“We live in a Faustian, Brechtian, Kafkaesque garden of insanity. And I kinda like it…” Recorded to an audience of nil at Cottage Donnington (thank you, Sally) after a regrettably inexpensive bottle of Tesco’s finest. You get what you pay for: this audio is free.
When it comes to the trauma of lunchtime, I tend to accelerate the process by making it as unappealing as is humanly possible; particularly when working on site. My colleagues usually bring in something home-made, flaunting its worth from inside a little tupperware container with clip-down sides, accompanied by a lengthy dialogue about ingredients, how long it took to make and what was eaten the night before (apparently the journey is the thing, not the destination). However, cookery gives me the fear. So, instead of preparing something nutritious and delicious from the comfort of my barren kitchen – which also gives me the fear – I choose to take the heat off by allowing someone else to do it for me. This is not without its own inherent set of problems.
Tesco Express on the Pentonville Road is a culinary deadzone. The Meal Deal section is frequented, 24/7, by anyone that life has frowned upon – the unloved, the depressed, the haters, the hated and those, like me, who just want to get it over with. Our purchases are edible sackcloth and ashes with which we punish ourselves on a daily basis, so checking out becomes one of Danté’s inner rings of Hell. For there at the tills, they will judge us; for our lamentable taste in processed cheese, for our weak grins as they ask what we have planned for the weekend, for not taking a Tell Me How I’m Doing card with which we can rate their quality of service online, and for not knowing that a Twix and a Fanta do not constitute part of our five-a-day.
‘Rickin’ (4/5 stars) wants me to fill one of those eco-unfriendly 5p bags with my quarry; he wants to tell me what a lovely day it is when outside, Hurricane Desdemona is whipping toupees into the street; he wants me to enjoy my meal when I want anything but (if I genuinely wanted to enjoy a meal, there is a strong possibility I would not be buying it from Rickin in the first place). This doesn’t deter him: if I could just sign up for the Club scheme right now (in front of a queue of people, aching for release), I’d be eligible for astonishing discounts on stuff I don’t yet know I want. And I’d be in for a further 10% off the impossibly cheap swill I already have in my basket when all I want is for it to be reassuringly overpriced, so I have something to bitch about to my workmates when the whole sorry shebang is at an end.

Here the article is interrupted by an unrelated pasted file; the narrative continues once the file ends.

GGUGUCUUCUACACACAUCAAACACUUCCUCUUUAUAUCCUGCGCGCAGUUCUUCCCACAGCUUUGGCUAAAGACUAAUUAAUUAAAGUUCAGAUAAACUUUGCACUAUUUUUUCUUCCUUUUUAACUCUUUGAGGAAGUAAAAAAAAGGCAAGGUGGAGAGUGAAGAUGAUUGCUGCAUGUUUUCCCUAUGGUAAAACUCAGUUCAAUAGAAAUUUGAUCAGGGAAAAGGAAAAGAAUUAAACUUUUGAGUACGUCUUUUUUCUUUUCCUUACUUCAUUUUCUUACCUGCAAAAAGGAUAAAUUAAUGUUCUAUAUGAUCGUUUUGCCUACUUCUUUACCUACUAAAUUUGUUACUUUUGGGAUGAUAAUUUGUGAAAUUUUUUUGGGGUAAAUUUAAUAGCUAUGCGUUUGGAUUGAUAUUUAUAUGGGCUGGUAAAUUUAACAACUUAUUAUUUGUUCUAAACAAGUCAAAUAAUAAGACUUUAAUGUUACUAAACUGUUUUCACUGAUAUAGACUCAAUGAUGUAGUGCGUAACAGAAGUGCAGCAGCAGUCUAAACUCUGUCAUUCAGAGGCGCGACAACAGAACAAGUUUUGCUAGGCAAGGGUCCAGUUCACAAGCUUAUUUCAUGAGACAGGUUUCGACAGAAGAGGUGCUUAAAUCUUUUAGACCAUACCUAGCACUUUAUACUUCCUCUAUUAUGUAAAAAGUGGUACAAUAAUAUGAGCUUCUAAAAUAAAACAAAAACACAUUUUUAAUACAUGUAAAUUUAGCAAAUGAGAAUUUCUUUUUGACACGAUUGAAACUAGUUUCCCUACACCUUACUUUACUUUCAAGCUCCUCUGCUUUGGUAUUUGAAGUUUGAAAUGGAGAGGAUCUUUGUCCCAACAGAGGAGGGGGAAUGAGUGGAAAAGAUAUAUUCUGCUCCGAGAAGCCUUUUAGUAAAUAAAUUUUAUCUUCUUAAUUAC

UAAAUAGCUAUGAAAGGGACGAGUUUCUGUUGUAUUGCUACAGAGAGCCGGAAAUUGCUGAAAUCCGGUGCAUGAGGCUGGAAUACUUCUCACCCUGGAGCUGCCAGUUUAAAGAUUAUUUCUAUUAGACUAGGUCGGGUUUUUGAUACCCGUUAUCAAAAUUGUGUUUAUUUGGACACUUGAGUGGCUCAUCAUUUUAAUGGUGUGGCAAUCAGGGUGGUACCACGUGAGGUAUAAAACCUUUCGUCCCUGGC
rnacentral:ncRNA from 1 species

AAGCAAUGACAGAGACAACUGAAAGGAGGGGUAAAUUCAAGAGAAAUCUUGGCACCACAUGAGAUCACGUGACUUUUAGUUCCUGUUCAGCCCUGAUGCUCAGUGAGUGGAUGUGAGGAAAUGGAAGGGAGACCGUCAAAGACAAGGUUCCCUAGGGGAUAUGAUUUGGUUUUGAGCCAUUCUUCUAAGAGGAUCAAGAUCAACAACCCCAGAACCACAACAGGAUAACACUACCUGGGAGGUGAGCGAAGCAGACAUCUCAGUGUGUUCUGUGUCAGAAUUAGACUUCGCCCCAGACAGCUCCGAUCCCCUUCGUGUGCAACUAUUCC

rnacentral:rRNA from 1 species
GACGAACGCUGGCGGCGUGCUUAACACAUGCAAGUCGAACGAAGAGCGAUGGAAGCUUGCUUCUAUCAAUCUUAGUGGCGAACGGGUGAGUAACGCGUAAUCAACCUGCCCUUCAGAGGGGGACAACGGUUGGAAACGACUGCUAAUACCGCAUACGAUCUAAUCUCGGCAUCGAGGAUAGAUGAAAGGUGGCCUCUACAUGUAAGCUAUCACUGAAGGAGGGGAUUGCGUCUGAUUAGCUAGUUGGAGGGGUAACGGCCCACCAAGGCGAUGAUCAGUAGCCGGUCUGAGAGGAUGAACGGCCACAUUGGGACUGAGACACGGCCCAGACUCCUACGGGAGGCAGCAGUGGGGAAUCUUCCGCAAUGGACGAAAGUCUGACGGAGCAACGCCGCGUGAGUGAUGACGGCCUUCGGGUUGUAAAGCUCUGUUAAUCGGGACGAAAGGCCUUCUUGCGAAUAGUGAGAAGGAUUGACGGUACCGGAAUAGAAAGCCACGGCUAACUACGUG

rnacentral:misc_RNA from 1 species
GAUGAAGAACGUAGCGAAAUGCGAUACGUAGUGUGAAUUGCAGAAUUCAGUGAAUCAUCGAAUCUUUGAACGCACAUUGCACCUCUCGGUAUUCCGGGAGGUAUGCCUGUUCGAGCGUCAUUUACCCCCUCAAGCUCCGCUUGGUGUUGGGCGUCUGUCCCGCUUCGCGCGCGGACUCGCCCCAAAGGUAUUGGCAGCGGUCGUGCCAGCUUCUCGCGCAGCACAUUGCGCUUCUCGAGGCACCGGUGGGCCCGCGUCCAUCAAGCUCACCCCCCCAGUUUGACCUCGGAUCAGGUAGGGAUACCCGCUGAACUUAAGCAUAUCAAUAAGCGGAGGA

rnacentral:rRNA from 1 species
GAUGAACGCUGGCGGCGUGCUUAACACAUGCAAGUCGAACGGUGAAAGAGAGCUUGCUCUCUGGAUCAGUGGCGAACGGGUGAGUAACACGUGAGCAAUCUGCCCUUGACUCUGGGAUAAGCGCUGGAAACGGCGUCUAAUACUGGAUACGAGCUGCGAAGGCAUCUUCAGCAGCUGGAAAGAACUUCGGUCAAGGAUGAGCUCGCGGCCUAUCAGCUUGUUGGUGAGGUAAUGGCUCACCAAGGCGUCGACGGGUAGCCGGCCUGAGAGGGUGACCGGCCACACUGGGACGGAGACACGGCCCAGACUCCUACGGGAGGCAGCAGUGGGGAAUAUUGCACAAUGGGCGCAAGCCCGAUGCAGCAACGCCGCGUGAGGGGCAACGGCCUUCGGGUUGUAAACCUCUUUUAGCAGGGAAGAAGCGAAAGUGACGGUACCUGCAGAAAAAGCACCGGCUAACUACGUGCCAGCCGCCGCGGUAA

Today’s sandwich had a yellow sticker on it: it was 20p cheaper because it was out of date. Curiously, this meant that it no longer counted as a Meal Deal and consequently I paid an extra 70p for the entire shooting match. We live in a Faustian, Brechtian, Kafkaesque garden of insanity. And I kinda like it.
The 1970s. When school meals were cooked up by some of the sickest minds this side of the Neuremberg trials…
It’s Boxing Day (or the Feast of Stephen in parlance of yore). For reasons completely beyond me, I once again find myself in Sainsbury’s and it’s packed. Because it’s not like there’s been enough food and drink doing the rounds over the last week or so, has there? Anyone with half a cell knows that those gargantuan, seasonal sherry cask snack buckets are cynically filled with enough compressed air to have us queueing outside the sliding doors at opening time the minute the Big Day is over. And of course we’ll throw in a few bottles of your astonishingly half-priced Prosecco. You bastards.
In much the same way that our Dickensian antecedents enjoyed a sneaky day out to the asylums to work off the figgy pudding and feel better about themselves, there is a certain schadenfreude to be had from inspecting the baskets of others. I mean, hello? Do you actually need a ‘four cheese feast maxi-pizza’ when you’ve only just got back from A&E? And excuse me, you’re only kidding yourselves with them reduced Absolut festive tubes (branded shot glass included) for your dismal commutes on Monday. I despair, I really do.
Actually, I’ve come here for a new bathing sponge; my existing one has corroded to the point where it self-abrades on contact with human flesh, and unattractively dries down to a burnt sienna/raw sewage patina. I did briefly consider a trip to Oxford Street to take advantage of the pre-January sales and snap myself up a once-in-a-lifetime bargain. However, the crippling expense of getting there on public transport considerably outweighed any projected savings and besides, I prefer to spend my hard-earned cash locally. Also, the fact that said sponge has no discount whatsoever and comes in a pre-wetted bag with a decorative font saying something about luxury on it, somehow makes it all rather sexy:
Let them eat pizza as I wash away my cares. Ka-ching!!!
I’ll let you into a secret: whilst I was on a consumer high, flashing my cash as if I was Pouffe Daddy or something, I went onto that eBay and spent a bit more. My electric toothbrush, now a veteran of the game, has been losing power of late, and it occurred to me that I could raise the thumb (like for one of those ugly turkeys, spared the knife by benevolent opportunists) if I simply replaced the non-replaceable lithium Li-Ion battery. It will require some rudimentary soldering skills and a willing army of Facebook friends, but I know it’s possible. Ionic Industries (‘helping you fight built in obsolescence’) have now mailed a £10.50 landfill alternative to my home address and by Jiminy, do I feel like a million dollars! And that, in a nutshell, is my Christmas message:
Be kind to others but make sure your arse is covered. Because you’re bloody worth it.
See you in 2016 x